October 15th, 2010
06:21 PM ET
That’s more or less the premise behind “Red,” an action comedy starring Bruce Willis, John Malkovich, Morgan Freeman and Helen Mirren as retired CIA agents who get back in the game ("red" itself stands for "retired and extremely dangerous").
The reviews have averaged out to a solid “meh, not too bad," with critics finding it a passable film should you desire to see an action flick this weekend.
The Wall Street Journal’s Joe Morgenstern thought the plot device of bringing older agents out of retirement works “like a well-worn charm,” and found the plot to be “enjoyably silly.” The way the movie twists and turns may not be entirely logical, but that seems to be part of the fun. “[L]ogic doesn't apply to a single tumultuous moment of ‘Red,' which was directed with huge exuberance by Robert Schwentke, and freely and frivolously adapted by Jon Hoeber and Erich Hoeber from a superserious and ultraviolent graphic novel by Warren Ellis and Cully Hammer.”
Washington Post’s Ann Hornaday agrees that “Nothing is remotely credible or humanly possible in 'Red,'" but adds that the film “possesses the sleek confidence borne of experience and chops," and that “it gets the job done with competence, efficiency and points for smooth, goofy style.”
If you agree with the Boston Globe’s Ty Burr that this summer's “Expendables” was “good, dumb fun,” you may agree that “Red” is “more self-consciously wacky, more stridently in your face, and more disappointing.”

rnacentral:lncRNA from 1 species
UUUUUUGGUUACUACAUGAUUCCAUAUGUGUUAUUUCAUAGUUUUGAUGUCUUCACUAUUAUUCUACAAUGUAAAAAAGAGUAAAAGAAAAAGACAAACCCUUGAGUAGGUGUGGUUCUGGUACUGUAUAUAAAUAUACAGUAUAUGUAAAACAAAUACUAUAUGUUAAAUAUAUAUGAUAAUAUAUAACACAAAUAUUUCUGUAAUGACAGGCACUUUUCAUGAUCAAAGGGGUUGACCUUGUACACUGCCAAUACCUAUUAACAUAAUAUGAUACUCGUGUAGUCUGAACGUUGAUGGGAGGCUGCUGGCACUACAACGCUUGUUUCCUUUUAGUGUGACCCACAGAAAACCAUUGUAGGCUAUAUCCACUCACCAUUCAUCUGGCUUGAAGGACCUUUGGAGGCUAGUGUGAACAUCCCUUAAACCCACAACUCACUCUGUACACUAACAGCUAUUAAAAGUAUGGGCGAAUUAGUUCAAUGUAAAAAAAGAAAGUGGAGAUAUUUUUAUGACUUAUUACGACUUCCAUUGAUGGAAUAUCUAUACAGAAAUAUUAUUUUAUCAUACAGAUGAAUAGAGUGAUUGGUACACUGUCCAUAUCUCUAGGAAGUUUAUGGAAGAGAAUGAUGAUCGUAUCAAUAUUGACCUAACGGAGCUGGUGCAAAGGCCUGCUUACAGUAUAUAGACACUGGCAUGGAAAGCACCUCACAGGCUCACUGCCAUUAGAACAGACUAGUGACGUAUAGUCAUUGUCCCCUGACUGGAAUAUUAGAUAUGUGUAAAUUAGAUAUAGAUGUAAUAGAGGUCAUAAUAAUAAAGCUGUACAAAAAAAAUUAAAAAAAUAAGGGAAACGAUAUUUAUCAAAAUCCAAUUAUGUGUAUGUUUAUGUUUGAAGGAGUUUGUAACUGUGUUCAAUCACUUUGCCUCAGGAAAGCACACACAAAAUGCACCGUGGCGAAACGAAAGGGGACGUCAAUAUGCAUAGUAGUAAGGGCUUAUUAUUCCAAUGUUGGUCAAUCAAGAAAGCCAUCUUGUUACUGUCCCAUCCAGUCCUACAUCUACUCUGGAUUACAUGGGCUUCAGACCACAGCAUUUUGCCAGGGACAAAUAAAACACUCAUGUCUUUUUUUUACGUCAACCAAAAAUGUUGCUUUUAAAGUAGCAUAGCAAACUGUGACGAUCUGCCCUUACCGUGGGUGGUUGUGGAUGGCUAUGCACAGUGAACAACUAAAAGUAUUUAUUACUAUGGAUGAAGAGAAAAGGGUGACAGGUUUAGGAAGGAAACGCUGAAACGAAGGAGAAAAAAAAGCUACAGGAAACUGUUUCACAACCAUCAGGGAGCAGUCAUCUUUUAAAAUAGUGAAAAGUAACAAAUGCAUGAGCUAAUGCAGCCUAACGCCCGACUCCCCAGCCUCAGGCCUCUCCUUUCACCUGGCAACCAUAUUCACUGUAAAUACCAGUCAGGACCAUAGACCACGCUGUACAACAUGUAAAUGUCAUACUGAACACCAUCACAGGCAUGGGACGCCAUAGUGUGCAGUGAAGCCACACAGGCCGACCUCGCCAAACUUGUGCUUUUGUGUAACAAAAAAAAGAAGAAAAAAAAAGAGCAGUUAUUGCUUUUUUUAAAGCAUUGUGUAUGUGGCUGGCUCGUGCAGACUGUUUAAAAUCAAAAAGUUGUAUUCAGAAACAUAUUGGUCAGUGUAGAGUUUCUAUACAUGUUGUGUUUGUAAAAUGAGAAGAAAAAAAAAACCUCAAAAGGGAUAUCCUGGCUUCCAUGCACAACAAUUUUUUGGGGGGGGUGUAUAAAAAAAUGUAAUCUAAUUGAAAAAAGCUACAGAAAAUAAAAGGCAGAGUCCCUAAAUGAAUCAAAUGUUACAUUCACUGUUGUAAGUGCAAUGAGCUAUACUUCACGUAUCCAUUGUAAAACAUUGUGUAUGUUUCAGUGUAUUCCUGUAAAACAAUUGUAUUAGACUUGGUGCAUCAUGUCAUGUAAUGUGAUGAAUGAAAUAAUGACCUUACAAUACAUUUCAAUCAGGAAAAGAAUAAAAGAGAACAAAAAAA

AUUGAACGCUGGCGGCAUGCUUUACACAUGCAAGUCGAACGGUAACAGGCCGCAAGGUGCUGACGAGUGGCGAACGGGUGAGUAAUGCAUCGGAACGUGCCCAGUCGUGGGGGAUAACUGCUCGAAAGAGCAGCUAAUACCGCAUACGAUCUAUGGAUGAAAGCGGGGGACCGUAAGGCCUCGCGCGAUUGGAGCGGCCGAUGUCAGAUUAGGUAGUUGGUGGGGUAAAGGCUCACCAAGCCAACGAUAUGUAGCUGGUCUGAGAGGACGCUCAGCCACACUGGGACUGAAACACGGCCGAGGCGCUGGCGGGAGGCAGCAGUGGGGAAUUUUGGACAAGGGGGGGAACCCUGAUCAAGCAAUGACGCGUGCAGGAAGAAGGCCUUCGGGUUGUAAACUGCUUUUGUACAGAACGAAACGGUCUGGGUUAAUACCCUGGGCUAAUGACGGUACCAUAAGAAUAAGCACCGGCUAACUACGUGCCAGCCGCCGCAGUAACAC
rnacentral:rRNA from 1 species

The problems lie in “ poor direction, sloppy pacing, and a story line that can’t decide whether it’s farce or a retread,” Burr writes. In the end, the critic says, “the conceptual hilarity of [‘Red’] only applies if you really can’t wrap your brain around someone of Mirren’s advanced age (65) or Willis’s (55!) playing action hero.”
CNN iReporter and film critic Brett Martin thinks that “Red” is a “comic action thriller with a sense of humor,” noting that yes, the plot is predictable if you’ve seen the trailer. “It’s not a great film, but it’s a pretty amusing film without insulting your intelligence for the better part of two hours," Martin says in his review.
So do you agree that “Red” isn’t so bad, or do you wish they would’ve let this plot retire for good? Sound off with an iReport movie review like Brett Martin, or simply send us your photo expressing what you think. See you at the movies!
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